Author: Campbell, Bruce

Shift Happens
 

I have wrote before about how being in a band is like being in a family. And I still believe it – it’s an apt analogy. But I wonder what it’s like in the top ranks of professional music. With some notable exceptions, it seems that the personnel in band ranks change fairly frequently.

In the “gifted amateur” ranks, I understand the forces that push and pull at bands. There’s the dreaded “day job” for one. Being in a band that has something on the ball means getting gigs, and that means late night gigs during the week, and gigs that require travel, and THAT means a strain on the goodwill of your employer. By travel, I don’t necessarily mean the “pile in the band bus and drive 200 miles”, either. If I have a 7PM gig in San Francisco, it means I have to leave work early to get there in time for load in. Most bosses can only take so much of it, so musicians often have to make the choice between their jobs (which is what pays their mortgage and keeps the family in food and clothes) and the emotional and spiritual pull of being a performer.

Sometimes, it’s a family situation. Every family is different, and sometimes, having a family member away for regular practices and weekends taken up by gigs is simply not acceptable. Forced to choose between the band and the family, most reasonable people will choose family.

Another stress on band unity is conflicting commitments and goals. These things don’t

often come up until the band starts doing well, and then it comes out that half the people in the band want to do whatever it takes to “make it”, and the other half just wants to have fun. When things get to the level where it’s time to put the real hard work into arrangements and vocal stacks, the fun can drain out of the experience for a lot of people.

Then of course, there are personalities and egos. Everyone’s got ‘em. The more a band plays the more time they spend together, the more these things come into play. Often a band will start with one person as the de facto leader, and then over time, somebody else, by virtue of a talent or energy level, begins to challenge that leadership. I wouldn’t want to be in a band full of sheep, but too many strong personalities can be stressful, too. It’s something that has to be dealt with, or the band either drifts apart, or goes supernova.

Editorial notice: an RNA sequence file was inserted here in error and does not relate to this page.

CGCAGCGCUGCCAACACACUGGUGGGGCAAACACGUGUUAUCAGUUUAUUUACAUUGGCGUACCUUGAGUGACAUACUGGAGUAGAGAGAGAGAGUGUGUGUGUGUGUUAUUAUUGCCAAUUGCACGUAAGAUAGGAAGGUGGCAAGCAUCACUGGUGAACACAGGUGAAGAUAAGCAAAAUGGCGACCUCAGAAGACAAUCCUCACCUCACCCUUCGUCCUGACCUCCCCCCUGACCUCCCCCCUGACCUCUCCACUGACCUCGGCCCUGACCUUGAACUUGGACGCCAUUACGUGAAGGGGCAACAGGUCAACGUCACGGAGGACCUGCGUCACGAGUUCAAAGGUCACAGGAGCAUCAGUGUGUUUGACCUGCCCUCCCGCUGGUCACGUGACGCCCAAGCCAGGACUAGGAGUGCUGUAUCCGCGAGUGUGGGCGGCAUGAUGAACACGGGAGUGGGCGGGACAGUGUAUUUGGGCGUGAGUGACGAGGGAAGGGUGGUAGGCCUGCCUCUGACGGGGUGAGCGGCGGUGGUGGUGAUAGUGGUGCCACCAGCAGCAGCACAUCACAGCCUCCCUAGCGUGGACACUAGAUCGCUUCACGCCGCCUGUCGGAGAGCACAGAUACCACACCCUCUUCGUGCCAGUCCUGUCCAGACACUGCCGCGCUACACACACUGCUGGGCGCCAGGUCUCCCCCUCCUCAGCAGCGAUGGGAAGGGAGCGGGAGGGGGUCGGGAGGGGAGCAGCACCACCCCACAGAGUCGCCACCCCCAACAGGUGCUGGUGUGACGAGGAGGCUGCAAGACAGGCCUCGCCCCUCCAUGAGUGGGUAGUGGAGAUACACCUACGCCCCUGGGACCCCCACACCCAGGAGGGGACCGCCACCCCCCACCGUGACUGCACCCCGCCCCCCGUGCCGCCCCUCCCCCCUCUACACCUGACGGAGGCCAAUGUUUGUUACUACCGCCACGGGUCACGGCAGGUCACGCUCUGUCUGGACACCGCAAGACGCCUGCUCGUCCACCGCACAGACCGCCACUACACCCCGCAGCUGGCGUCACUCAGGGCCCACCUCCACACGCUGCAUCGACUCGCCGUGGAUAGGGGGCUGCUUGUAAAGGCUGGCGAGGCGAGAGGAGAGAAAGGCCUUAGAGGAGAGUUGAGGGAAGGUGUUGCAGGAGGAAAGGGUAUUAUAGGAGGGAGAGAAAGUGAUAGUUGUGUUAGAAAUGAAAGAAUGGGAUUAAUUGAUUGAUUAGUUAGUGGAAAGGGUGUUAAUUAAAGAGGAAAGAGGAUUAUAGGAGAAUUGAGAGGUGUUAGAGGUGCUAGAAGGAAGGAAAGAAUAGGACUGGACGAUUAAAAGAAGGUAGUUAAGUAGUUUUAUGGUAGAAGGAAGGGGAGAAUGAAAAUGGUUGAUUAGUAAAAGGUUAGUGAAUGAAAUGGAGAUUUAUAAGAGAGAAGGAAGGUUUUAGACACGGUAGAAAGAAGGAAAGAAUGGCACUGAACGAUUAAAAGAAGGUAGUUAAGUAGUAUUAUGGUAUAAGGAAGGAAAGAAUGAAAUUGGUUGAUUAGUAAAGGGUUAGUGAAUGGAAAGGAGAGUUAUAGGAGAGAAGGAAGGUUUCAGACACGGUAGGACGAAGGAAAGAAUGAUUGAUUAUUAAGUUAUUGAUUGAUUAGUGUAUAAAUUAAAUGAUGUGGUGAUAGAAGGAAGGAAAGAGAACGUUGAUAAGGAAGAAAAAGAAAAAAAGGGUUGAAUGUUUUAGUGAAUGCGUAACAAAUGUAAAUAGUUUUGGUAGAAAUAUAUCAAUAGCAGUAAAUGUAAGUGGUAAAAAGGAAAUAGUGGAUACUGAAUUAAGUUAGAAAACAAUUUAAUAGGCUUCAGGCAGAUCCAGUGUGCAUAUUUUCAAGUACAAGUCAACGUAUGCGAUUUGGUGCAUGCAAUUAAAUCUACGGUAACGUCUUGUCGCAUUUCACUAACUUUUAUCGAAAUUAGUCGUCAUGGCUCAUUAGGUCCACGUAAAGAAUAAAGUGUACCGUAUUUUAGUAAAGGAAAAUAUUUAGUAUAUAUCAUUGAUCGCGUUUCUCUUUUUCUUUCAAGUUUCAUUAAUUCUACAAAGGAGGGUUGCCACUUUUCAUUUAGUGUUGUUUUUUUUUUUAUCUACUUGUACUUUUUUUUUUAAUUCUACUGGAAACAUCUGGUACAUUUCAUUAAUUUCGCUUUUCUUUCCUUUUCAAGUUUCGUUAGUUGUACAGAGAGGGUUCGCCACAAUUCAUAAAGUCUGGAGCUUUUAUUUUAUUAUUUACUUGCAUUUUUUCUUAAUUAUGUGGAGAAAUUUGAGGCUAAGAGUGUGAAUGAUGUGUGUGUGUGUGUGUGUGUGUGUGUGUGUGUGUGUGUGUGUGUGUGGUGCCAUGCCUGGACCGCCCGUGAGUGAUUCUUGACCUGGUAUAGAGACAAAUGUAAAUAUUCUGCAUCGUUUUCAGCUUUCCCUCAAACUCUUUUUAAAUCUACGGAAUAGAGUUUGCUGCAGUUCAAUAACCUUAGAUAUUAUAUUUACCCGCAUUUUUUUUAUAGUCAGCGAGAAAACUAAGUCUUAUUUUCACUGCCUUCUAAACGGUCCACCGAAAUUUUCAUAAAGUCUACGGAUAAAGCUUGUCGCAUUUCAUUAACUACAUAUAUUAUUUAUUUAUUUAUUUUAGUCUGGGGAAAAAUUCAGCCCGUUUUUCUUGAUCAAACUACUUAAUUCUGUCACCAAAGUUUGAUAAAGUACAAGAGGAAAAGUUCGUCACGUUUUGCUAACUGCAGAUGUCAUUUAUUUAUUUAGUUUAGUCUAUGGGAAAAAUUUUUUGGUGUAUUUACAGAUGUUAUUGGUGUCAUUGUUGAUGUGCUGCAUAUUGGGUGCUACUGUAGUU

I imagine the transition from amateur band to truly professional one has some has some poignant moments. The members who are committed to turning pro will have to make some choices about the members who are ambiguous about that ambition. Or, it make become apparent that some band members are no longer able to keep up musically, as the rest of the band reaches new levels. Either way, some old friends have to go – gently or otherwise.

Ever notice that when a major band introduces the members, they’re almost NEVER from the same neighborhood, or city or even the same state? Those bands aren’t made of childhood buddies who did well, are they? There was a core talent, and that person or group of people found the best players they could, and convinced them to buy into their vision, regardless of where they live.

So, what dynamics affect the lineups in these bands? Look at how stable the lineup in the Del McCoury Band has been! Other big names seem to have new faces for every tour. Did the sidemen get better offers, have to drop out to deal with family issues, get fired for cause, or all of the above? I know sometimes, sidemen emerge as headliners in their own right, like Dailey and Vincent. Sometimes I feel like a little kid stuck outside the ballyard, trying to view the game from a little knothole in the fence!
 
Posted:  5/6/2009



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